North Weald Airfield was first established in 1916, only 13 years after the Wright Brothers made the World's first powered flight. It initially served to protect London from the Zeppelin raids in the First World War. North Weald's finest hour came in the summer of 1940, when it served as a frontline airfield in the Battle of Britain.


During the Second World War, North Weald played host to Squadrons made up of many foreign nationals, including Americans, Czechs, Poles and also Norwegians, to which the airfield and village maintain special links to this day. Hurricanes, Spitfires and Blenheims were the most common types to be seen at North Weald.



At the end of the Second World War, the VE Day Victory Fly-past, led by the legendary Sir Douglas Bader, was assembled and took off from North Weald. 

In the 1950's the RAF's fast jets moved in.  The airfield was put into care and maintenance in 1964, but came back to life when it had a starring role in the epic film "The Battle of Britain".

In the early 70's a number of major airshows were staged at North Weald, including the very first International Air Tattoo in 1971.  Essex Gliding Club, the group of aviators that have been resident on the airfield for the longest continuous period apart from the RAF, kept the airfield active throughout the 70's and 80's and remain a mainstay of North Weald to the present day. In the mid 80's major airshows returned to North Weald in the shape of "The Fighter Meet", which were famous for their wide range of classic and modern 
                                                                           day aircraft and dramatic pyrotechnic displays.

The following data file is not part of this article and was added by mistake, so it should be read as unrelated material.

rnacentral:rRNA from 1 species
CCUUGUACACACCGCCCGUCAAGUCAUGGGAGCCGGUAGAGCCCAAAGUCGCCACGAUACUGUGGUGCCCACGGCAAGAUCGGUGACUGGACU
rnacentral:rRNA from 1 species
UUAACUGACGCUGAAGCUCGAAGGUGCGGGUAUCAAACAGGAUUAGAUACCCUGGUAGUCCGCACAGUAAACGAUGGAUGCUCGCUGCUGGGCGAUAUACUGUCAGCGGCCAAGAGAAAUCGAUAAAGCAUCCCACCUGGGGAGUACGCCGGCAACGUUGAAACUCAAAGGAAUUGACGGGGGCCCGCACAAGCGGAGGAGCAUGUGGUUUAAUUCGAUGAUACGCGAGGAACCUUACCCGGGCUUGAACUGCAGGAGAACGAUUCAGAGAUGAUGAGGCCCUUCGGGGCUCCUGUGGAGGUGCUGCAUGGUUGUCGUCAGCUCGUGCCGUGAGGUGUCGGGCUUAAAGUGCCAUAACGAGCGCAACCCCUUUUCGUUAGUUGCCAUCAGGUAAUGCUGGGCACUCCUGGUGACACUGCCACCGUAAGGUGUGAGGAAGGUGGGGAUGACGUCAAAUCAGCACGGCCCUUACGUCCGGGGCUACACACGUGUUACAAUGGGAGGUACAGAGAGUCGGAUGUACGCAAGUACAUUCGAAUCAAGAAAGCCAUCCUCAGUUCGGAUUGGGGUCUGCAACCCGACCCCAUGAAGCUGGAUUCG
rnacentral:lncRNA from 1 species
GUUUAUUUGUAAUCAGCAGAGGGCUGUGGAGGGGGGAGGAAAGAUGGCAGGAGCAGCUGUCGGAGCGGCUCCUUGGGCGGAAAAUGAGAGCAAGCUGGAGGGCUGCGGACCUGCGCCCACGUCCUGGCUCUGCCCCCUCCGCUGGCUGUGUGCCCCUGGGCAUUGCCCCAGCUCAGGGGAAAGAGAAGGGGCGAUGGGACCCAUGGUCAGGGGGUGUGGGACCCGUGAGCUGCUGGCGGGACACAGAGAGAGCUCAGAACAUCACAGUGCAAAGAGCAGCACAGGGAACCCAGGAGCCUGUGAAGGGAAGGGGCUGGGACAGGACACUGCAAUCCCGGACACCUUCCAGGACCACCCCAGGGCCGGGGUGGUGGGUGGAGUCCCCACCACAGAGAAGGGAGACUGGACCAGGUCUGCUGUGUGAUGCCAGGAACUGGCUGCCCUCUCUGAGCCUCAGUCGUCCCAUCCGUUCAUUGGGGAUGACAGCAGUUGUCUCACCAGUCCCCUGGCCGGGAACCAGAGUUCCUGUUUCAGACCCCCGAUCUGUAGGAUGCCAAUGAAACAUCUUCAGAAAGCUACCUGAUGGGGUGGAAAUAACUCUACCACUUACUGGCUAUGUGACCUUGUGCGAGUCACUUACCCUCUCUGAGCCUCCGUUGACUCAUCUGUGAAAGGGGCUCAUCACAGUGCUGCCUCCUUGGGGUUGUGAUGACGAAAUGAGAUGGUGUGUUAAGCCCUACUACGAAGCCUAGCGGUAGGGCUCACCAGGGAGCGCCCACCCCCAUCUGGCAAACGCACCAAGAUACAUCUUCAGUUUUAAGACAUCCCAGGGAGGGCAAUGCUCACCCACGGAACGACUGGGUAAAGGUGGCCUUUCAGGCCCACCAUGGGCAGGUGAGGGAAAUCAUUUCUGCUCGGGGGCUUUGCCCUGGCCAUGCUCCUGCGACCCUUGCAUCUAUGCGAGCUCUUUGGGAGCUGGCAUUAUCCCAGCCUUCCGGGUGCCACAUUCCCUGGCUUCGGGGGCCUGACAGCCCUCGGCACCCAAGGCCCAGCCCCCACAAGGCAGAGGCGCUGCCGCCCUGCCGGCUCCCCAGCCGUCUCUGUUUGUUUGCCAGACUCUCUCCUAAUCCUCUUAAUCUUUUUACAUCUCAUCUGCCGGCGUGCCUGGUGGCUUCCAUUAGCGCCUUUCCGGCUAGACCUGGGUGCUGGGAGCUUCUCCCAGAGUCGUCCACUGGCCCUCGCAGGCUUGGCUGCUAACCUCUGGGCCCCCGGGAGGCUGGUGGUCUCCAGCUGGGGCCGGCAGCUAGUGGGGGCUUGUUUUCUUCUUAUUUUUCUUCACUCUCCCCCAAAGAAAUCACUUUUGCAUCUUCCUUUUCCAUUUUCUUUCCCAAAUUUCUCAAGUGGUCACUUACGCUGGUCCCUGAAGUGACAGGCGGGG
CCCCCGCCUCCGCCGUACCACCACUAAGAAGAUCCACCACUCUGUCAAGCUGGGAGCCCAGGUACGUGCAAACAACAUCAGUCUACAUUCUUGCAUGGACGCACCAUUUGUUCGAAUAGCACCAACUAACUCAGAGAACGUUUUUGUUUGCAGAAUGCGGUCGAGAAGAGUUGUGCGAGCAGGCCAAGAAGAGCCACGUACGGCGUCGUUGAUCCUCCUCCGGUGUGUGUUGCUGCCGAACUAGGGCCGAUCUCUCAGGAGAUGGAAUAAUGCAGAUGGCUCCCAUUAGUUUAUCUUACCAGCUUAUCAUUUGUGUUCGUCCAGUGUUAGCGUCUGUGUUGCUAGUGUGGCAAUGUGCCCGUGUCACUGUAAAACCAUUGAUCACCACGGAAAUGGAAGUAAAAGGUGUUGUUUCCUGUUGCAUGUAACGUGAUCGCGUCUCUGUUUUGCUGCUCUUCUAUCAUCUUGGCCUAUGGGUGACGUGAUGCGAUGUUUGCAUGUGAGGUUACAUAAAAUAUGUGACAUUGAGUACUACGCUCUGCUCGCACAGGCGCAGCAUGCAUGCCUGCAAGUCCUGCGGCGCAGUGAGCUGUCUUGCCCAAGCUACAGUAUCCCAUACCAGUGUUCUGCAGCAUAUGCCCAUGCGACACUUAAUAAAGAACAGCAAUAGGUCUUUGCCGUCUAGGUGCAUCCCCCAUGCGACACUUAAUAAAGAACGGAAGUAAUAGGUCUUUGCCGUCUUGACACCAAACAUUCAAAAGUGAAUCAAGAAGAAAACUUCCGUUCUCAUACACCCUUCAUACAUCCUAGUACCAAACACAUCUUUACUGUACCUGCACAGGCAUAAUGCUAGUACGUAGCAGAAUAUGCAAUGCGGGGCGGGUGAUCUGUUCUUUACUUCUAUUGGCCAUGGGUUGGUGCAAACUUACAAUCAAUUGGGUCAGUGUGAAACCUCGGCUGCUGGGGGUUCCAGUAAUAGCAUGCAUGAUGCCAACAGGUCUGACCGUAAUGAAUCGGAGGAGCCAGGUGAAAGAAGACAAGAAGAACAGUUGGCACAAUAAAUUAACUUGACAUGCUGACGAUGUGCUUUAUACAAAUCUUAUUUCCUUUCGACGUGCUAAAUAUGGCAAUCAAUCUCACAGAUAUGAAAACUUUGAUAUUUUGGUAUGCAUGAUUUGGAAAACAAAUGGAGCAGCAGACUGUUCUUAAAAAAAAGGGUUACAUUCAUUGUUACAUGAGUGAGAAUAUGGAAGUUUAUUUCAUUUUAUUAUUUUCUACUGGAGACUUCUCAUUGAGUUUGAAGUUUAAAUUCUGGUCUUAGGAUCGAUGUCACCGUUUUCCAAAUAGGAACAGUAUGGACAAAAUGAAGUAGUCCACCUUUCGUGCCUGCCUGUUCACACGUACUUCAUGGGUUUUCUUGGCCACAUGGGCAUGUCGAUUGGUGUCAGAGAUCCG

In this period more aviation returned to North Weald, with several private collections of classic aircraft moving to the airfield.  Airshows continued to be organised at North Weald into the late 90's by Intrepid Aviation, the company belonging to Pink Floyd's David Gilmour. North Weald has been re-visited several times by film crews, not only for promotional videos and documentaries but also for major productions such as Spielberg's "Band of Brothers", where take-off sequences before the D-Day landings were filmed. 


North Weald continues to host a wide and varied range of aircraft, with much activity centered around the Squadron, with its historic atmosphere and period buildings. The airfield museum is based in the former station office, outside which, is a memorial to all those who gave there lives while based at North Weald.


However, apart from aviation, North Weald has developed into to be a base for many activities, including the regular Saturday Market (the UK's biggest) a range of sports such as cycling, archery, gymnastics, model aircraft flying, model car racing and varies motorsports.  It is also the venue for rallies and concerts. See the activities section for more details.

To find out how you can help preserve North Weald as an historical and valuable site for aviation and leisure activities, instead of it becoming a major housing estate, go to our campaign section.

Airfield History

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Airfield History
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